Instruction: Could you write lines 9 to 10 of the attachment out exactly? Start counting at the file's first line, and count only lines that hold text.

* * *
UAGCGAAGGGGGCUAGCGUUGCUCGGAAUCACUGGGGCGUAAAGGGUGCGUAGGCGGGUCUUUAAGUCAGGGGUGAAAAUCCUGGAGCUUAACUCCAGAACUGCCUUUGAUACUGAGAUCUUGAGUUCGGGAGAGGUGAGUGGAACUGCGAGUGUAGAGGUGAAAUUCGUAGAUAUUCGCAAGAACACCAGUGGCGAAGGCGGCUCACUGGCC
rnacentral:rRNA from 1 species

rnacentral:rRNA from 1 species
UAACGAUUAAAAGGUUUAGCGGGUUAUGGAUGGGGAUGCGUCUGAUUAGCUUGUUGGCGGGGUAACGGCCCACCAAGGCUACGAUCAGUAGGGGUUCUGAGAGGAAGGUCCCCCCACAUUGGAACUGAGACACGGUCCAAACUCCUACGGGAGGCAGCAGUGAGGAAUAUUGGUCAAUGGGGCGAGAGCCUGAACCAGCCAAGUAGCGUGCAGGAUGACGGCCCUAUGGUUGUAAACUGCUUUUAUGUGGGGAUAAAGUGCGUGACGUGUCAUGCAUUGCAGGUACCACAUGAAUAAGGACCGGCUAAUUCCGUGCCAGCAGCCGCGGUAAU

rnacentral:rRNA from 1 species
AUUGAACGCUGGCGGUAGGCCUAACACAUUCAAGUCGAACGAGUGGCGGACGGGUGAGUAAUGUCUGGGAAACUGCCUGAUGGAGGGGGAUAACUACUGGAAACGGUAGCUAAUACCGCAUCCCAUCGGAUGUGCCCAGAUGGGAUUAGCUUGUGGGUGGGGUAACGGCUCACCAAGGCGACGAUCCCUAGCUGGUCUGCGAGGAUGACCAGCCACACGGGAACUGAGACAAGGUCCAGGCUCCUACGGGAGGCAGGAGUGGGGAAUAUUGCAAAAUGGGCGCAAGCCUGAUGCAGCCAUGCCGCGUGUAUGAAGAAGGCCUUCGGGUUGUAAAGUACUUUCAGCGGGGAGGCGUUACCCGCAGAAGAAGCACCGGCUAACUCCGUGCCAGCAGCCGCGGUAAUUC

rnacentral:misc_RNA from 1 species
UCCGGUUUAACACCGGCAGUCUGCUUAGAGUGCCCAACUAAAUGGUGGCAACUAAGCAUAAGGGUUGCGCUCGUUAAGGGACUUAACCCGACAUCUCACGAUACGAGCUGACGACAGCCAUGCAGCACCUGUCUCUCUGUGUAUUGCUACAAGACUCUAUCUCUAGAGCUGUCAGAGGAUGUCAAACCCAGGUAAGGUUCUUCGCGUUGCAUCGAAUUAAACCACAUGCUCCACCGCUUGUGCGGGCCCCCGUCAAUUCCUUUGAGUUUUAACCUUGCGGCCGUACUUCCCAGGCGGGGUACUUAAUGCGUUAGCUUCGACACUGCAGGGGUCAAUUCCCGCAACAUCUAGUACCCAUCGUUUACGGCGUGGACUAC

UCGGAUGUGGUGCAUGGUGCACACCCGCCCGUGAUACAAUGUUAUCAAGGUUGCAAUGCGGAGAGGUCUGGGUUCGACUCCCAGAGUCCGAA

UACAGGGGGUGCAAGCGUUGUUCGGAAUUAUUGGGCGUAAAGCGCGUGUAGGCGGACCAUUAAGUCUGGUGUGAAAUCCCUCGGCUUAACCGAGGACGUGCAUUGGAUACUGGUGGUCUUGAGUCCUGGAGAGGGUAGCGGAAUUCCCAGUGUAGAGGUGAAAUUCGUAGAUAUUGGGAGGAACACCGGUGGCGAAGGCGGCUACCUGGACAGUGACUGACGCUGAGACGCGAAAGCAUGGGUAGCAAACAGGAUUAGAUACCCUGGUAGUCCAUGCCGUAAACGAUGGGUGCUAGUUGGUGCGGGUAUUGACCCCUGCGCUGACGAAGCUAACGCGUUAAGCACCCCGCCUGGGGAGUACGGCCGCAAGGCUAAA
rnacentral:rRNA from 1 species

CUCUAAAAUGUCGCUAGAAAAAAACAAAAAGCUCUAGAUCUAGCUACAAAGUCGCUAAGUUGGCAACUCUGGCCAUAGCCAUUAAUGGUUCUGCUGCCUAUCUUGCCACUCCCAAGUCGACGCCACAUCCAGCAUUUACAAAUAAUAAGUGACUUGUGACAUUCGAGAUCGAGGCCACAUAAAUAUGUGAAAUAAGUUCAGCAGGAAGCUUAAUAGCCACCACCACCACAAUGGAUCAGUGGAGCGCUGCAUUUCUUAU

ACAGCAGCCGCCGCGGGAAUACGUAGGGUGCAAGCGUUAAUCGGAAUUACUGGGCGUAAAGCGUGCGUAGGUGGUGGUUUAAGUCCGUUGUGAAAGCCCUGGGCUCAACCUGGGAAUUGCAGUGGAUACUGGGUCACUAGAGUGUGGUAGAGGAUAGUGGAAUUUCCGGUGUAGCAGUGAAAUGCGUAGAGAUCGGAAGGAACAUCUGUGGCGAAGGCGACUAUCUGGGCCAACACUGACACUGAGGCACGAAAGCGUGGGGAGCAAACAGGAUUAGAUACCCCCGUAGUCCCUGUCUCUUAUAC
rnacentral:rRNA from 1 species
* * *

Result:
UCGGAUGUGGUGCAUGGUGCACACCCGCCCGUGAUACAAUGUUAUCAAGGUUGCAAUGCGGAGAGGUCUGGGUUCGACUCCCAGAGUCCGAA

UACAGGGGGUGCAAGCGUUGUUCGGAAUUAUUGGGCGUAAAGCGCGUGUAGGCGGACCAUUAAGUCUGGUGUGAAAUCCCUCGGCUUAACCGAGGACGUGCAUUGGAUACUGGUGGUCUUGAGUCCUGGAGAGGGUAGCGGAAUUCCCAGUGUAGAGGUGAAAUUCGUAGAUAUUGGGAGGAACACCGGUGGCGAAGGCGGCUACCUGGACAGUGACUGACGCUGAGACGCGAAAGCAUGGGUAGCAAACAGGAUUAGAUACCCUGGUAGUCCAUGCCGUAAACGAUGGGUGCUAGUUGGUGCGGGUAUUGACCCCUGCGCUGACGAAGCUAACGCGUUAAGCACCCCGCCUGGGGAGUACGGCCGCAAGGCUAAA